do hawks eat woodpeckers

Do Hawks Eat Woodpeckers? Plus Other Facts You May Not Know!

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Hawks are predatory birds who feast mainly on small mammals, reptiles, and even other birds.  With that knowledge, you may be wondering: do hawks eat woodpeckers as well?

The answer? Yes! Hawks prey on dozens of smaller birds, and that includes woodpeckers

That makes hawks different from humans, as it’s actually illegal for humans to catch or harm woodpeckers for almost any reason. Yes, that’s right woodpeckers are a protected species.  But the wild is a lawless place, meaning that woodpeckers are fair game for other animals. In this case, we mean hawks. 

Here are a few more facts about the relationship between hawks and woodpeckers. 

Are Hawks Afraid Of Woodpeckers?

Hawks may eat woodpeckers, but that doesn’t necessarily mean they prefer them.

Hawks have a natural aversion to loud noises, and woodpeckers are noisy birds. You know, given all the pecking they do, which is their primary form of communication. 

Hawks will usually only approach a woodpecker if they are very hungry and there is no other food available. Even then, they will be very cautious and will keep their distance as much as possible. So, while hawks may not be afraid of many things, they definitely have a healthy respect for woodpeckers.

Do Hawks Prey On Pileated Woodpeckers?

Pileated woodpeckers are the largest species of woodpeckers. They’re similarly sized to crows, a hawk’s natural enemy. And, as a matter of fact, they are often mistaken for hawks as well.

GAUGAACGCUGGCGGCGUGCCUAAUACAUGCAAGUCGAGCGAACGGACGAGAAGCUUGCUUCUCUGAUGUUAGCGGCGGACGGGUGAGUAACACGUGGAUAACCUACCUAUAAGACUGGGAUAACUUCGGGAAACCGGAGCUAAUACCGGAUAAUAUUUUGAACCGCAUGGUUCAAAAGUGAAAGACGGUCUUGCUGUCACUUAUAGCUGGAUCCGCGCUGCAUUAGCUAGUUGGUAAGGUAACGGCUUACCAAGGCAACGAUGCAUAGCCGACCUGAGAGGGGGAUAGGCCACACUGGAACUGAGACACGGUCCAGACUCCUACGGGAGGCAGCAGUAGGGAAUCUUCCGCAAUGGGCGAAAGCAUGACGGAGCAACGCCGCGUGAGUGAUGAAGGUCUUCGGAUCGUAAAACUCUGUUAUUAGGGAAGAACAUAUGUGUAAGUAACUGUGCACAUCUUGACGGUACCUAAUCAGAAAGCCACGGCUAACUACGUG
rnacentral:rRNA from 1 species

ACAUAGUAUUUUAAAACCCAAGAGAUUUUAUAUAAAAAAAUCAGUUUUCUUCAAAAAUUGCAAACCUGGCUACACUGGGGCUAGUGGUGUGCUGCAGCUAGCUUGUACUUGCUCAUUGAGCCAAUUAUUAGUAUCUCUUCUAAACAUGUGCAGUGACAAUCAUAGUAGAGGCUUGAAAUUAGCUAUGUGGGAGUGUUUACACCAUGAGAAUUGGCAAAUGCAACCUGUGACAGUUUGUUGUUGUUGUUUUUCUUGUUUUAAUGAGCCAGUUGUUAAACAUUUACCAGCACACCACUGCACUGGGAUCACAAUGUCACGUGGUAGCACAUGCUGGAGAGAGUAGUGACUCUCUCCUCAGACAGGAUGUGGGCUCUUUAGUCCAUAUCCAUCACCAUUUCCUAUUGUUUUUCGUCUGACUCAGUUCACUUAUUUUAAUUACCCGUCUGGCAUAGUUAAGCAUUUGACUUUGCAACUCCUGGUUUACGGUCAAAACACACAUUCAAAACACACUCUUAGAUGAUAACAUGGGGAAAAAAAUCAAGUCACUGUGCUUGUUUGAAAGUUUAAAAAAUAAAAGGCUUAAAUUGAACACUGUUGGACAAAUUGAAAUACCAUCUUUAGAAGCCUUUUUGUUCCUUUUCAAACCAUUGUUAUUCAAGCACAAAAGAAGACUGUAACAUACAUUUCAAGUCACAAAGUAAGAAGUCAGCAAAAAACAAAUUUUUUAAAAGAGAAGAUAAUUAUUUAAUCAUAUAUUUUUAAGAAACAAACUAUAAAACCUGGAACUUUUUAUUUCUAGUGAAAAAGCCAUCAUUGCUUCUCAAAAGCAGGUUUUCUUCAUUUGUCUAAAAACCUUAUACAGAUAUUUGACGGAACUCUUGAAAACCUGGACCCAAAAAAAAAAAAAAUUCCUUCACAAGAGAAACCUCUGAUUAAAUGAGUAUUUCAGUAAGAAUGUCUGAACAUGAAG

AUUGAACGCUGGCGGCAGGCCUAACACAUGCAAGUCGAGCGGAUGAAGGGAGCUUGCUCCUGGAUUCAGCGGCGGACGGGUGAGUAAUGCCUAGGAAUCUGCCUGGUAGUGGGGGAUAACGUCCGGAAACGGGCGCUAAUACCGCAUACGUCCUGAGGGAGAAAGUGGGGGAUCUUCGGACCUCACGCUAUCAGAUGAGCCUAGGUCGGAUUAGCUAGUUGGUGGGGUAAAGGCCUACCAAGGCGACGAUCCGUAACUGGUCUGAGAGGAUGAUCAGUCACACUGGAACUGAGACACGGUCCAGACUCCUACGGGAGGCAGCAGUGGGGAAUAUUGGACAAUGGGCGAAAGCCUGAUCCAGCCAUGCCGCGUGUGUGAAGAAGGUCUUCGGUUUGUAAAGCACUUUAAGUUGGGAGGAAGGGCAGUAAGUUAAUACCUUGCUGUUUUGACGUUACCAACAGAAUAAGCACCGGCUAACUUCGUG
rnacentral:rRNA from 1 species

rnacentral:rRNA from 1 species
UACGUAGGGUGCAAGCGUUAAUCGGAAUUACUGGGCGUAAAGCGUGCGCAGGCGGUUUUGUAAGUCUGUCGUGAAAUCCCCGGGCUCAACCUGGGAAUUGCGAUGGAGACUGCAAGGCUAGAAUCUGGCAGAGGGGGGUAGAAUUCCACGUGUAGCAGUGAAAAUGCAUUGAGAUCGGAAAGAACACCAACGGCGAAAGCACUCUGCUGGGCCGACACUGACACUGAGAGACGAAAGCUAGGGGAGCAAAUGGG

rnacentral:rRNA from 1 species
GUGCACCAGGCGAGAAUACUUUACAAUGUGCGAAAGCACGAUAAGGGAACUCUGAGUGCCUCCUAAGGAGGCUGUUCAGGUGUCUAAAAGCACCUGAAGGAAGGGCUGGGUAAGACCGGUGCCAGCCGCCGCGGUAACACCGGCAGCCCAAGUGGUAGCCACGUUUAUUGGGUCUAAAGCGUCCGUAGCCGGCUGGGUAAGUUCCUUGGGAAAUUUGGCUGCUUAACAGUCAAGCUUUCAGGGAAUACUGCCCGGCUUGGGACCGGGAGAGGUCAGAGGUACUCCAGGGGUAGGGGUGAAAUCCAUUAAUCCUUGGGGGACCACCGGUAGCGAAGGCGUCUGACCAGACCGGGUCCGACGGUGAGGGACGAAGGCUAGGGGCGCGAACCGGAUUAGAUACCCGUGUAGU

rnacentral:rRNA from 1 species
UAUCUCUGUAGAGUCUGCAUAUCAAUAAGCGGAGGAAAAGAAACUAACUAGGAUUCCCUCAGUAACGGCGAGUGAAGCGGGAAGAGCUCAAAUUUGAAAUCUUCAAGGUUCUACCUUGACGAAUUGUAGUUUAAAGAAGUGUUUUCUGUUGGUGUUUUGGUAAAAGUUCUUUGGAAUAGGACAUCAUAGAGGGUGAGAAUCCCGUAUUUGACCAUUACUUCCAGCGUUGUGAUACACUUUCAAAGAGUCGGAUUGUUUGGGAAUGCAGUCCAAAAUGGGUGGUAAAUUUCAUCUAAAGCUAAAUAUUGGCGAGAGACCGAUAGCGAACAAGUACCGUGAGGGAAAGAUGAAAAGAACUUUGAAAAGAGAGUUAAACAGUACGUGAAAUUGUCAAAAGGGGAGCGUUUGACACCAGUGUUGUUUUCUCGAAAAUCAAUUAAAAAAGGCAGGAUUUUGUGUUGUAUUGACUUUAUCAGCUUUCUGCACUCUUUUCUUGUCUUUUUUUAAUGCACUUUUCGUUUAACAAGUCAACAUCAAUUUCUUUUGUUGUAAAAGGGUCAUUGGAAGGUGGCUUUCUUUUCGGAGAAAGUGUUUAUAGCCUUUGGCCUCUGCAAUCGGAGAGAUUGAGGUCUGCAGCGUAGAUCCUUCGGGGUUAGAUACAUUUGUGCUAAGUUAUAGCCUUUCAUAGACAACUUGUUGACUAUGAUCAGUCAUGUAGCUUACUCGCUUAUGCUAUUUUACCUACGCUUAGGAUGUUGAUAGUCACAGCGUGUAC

However, there are several key differences between the two birds. Hawks typically have shorter beaks and longer tails than woodpeckers.

They also typically have more streamlined bodies, which helps them to fly more effortlessly through the air. In addition, hawks typically hunt alone, while woodpeckers often travel in pairs or small groups.

Because of their similar size and appearance,  it’s normal to wonder if hawks prey on pileated woodpeckers. The short answer is yes, hawks do prey on pileated woodpeckers. Hawks will eat anything it thinks it can conquer — including pileated woodpeckers. 

However, woodpeckers aren’t their first choice in a meal, hawks prefer easy meals. 

While it is true that hawks do prey on woodpeckers, they are not the only predators that these birds need to watch out for. Snakes, squirrels, and other birds of prey can also pose a threat to woodpeckers. As a result, these birds have developed a number of adaptations for avoiding predators (like building their nests in cavities high up in trees).

Do Hawks Eat Baby Woodpeckers?

Most people associate hawks with prey like rodents and rabbits, but these powerful predators will also eat other birds — including woodpeckers.

Baby woodpeckers, in particular, are vulnerable to attack from hawks, as they are not yet able to fly and lack the adult bird’s defenses.

While hawks typically prefer to hunt their own prey, they will take advantage of an easy meal if they come across a nest of baby woodpeckers.

In order to protect their young, parents will often try to distract the hawk while the babies escape. However, if the hawk is able to catch one of the chicks, it will kill it and consume it whole. Given their small size, baby woodpeckers make for a quick and easy meal for a hungry hawk.

Do Hawks Eat Woodpecker Eggs?

Hawks are predators, which means they hunt and eat other animals. But what do hawks like to eat? Well, that depends on the type of hawk. Some hawks prefer to feast on small mammals, like mice or voles.

Others go for larger prey, like rabbits or snakes. And still, others specialize in eating birds. So, do hawks eat woodpecker eggs? It is possible, but not particularly likely.

Hawks that eat eggs generally prefer those of ground-nesting birds, like quail or grouse. Woodpeckers nest in trees, so their eggs are much harder for a hawk to get to.

Plus, woodpeckers are fairly small birds, so they do not provide a very substantial meal. So while a hawk might go after a woodpecker egg if it was really hungry, it is not likely to be high on its list of preferred foods.

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